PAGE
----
Winning by better understanding imbalances between material, space and time
Nazi Paikidze

Winning by better understanding imbalances between material, space and time

NM HanSchut
Oct 22, 2017, 7:22 PM |

When you first learn chess, you are focused on taking pieces. You roam the board as a Pacman and count whether you are ahead of behind. You learn the different value of the pieces. The standard values for the pieces are: queen 9 points, rook 5 points, bishop and knight 3 points and pawns 1 point. Of course, the valuation of pieces depends on the specific position on the board. For instance, the bishop pair is often worth ½ pawn more than a knight and a bishop.

The ultimate objective in chess is not to win material but to mate the king. Pieces are most valuable if they control more space. A ‘good’ bishop can be radiating and control long diagonals or be ‘bad’, be hemmed in and looking at its own pawns. A ‘stable’ knight on the 6th row of the opponent is called an octopus, attacking 8 squares. A knight on the ‘rim’ is called ‘dim’ because of its limited scope.

In order to attack and mate the enemy king we need a sequence of moves. One half move is called a tempo and several moves tempi. An advantage in development means that you are moves ahead and are ahead in ‘time’ (temps = time in French).  

When learning an opening and in preparing against an opponent you can get an advantage by having a better understanding of the relative value of material, space and time in a certain position. I will illustrate this by the game between Donna Schut and Nazi Paikidze, played at the European Youth Championships. IM Nazi Paikidze won 12 medals at European Youth Chess Championship, World Youth and Junior Chess Championship, including 6 gold medals, and was the women’s 2016 US champion.  She won the European Youth Chess Championship four times: in Budva 2003 (Under-10 girls' category), Herceg Novi 2005 (U-12 girls), Šibenik 2007 (U-14 girls), and Herceg Novi 2008 (U-16 girls).

Donna Schut - Nazi Paikidze

  1. e4 c6 2. d4 d5 3. exd5 cxd5 4. c4 The Panov-variation. 4… Nf6 5. Nc3 e6 6. Nf3 Bb4 7. cxd5 Nxd5 8.Qc2 Nc6 9. a3 Ba5 10. Bd3 A pawn sacrifice 10… Nxc3 11. bxc3 Nxd4 12. Nxd4 Qxd4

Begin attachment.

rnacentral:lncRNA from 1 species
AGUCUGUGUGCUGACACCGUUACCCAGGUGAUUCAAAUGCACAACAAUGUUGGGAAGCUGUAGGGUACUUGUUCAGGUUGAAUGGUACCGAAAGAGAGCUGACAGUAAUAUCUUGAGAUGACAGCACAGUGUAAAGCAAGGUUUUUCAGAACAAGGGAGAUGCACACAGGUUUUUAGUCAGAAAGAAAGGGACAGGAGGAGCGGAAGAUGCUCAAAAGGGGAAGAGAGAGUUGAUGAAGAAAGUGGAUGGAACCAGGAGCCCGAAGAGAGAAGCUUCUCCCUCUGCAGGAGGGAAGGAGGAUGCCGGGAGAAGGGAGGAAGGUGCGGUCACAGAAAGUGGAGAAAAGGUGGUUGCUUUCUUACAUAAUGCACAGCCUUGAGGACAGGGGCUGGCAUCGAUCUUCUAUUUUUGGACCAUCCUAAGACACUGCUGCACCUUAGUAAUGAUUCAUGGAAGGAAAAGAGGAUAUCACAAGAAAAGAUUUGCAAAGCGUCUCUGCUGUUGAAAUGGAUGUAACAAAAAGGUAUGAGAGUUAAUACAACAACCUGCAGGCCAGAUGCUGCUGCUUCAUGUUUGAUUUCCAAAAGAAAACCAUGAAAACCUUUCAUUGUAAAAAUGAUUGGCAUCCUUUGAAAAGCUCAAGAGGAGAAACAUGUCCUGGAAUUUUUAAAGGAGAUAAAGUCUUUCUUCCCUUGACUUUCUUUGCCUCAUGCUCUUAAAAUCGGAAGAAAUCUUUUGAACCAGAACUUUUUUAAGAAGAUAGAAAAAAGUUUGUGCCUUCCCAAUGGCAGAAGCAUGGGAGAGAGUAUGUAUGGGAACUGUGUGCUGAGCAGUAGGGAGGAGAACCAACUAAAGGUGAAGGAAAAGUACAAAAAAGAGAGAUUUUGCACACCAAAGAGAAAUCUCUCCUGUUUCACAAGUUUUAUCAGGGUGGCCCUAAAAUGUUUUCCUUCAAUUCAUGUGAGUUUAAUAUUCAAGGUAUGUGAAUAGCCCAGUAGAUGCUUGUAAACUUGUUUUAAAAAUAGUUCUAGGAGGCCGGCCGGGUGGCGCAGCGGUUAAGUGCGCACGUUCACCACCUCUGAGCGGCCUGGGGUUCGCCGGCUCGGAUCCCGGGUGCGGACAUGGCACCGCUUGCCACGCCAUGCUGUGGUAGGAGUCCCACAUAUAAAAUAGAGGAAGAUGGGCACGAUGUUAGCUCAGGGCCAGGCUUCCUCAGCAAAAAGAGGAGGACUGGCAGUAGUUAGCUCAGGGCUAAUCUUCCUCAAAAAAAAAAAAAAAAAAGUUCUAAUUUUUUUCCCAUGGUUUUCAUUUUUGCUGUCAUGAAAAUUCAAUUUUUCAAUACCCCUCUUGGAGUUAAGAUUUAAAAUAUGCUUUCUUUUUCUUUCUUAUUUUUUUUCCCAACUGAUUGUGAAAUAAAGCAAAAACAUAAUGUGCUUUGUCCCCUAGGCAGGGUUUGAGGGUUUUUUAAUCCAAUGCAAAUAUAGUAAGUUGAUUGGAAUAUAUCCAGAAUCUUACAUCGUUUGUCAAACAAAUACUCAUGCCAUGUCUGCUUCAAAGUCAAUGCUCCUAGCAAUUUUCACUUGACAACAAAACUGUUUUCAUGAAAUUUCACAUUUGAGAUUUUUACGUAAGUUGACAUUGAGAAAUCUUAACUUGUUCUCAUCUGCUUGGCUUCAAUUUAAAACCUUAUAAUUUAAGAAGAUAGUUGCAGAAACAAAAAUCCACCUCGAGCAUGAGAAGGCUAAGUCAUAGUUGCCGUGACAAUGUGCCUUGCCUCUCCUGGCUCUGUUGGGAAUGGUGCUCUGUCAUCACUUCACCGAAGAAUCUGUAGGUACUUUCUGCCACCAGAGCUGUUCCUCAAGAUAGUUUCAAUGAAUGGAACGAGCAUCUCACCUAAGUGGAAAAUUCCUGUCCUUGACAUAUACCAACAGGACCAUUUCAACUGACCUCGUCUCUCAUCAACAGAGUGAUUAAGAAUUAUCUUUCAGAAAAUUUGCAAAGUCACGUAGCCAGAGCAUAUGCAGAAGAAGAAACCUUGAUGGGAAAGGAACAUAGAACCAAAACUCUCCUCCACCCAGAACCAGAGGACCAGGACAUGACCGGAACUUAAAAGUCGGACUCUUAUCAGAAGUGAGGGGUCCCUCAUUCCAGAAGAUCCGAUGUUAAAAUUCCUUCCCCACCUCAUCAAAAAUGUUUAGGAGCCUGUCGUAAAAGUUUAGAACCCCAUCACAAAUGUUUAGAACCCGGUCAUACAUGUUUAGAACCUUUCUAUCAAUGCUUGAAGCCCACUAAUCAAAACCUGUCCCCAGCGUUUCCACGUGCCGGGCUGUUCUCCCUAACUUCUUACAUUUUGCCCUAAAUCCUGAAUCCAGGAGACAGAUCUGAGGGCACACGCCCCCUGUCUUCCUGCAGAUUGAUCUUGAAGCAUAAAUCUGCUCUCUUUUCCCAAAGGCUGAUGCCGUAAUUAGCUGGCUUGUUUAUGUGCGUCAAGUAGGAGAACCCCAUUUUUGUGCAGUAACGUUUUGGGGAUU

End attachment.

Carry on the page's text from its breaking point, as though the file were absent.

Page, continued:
Position after 12… Qxd4

Black wins a pawn with her queen. White’s compensation will be based on more space, a lead in development (time) and creating an unsafe black king.

  1. Bb5+ Kf8 (13...Bd7 14. O-O Qd5 (14... Qxc3 15. Bxd7+ Kxd7 16. Qa4+ Ke7 17. Bg5+ f6 18. Rac1 Qe5 19. Bf4 Qf5 20. Bd2 $18) 15. c4 Qf5 16. Bxd7+ Kxd7 17. Qb3 b6 18. Rd1+ Ke7
  1. a4 Rhd8 20. Ba3+ Kf6 21. Bd6 g5 22. Qb2+ Kg6 23. Ra3 e5) 14. O-O Qxc3

Black wins a second pawn but gets even further behind in development

15.Qe2 White does not want to exchange her queen as she needs her queen for her attack.


Position after 15… f6

15… f6?  After this logical move black is already lost! (Nazi’s idea was probably to protect pawn g7 against the attack Bb2 and create a safer place for her king. It fails because of a queen and king chase.)

(Necessary was 15... a6 16. Bd3 Qxa1 17. Bb2 Qxf1+ 18. Kxf1 f6)

  1. Be3 Qe5 17.Rac1 Kf7 18. Rc5 Qd6 19. Rd1 Qe7 20. Rc4 a6 21. Bc5 Qc7 22. Bd6 Qd8 23. Bc7? (A slip by white. Better 23.Bb4 and white wins) 23... Qf8 (Black would have been back in the game after 23... Bxc7 24. Rxd8 Bxd8 25. Qc2 axb5 26. Rxc8 Rxc8 27.Qxc8) 24. Bxa5 axb5 25. Rc7+ Kg8 26. Qxb5 h6 27. Bb4 1-0

Black is a rook up (material) but had to resign. She will lose her queen and will be mated soon.


The final position. 

Black played 8 queen moves out of a total of 27 moves: Qd8xd4-Qxc3-Qe5-Qd6-Qe7-Qc7-Qd8-Qf8

The queen, with a value of 9 points, is an easy target when it is brought into play early in the game.

The rooks on a8 and h8 and the bishop on c8 have not been developed yet. White on the other hand has all its pieces developed and is attacking black’s king and queen.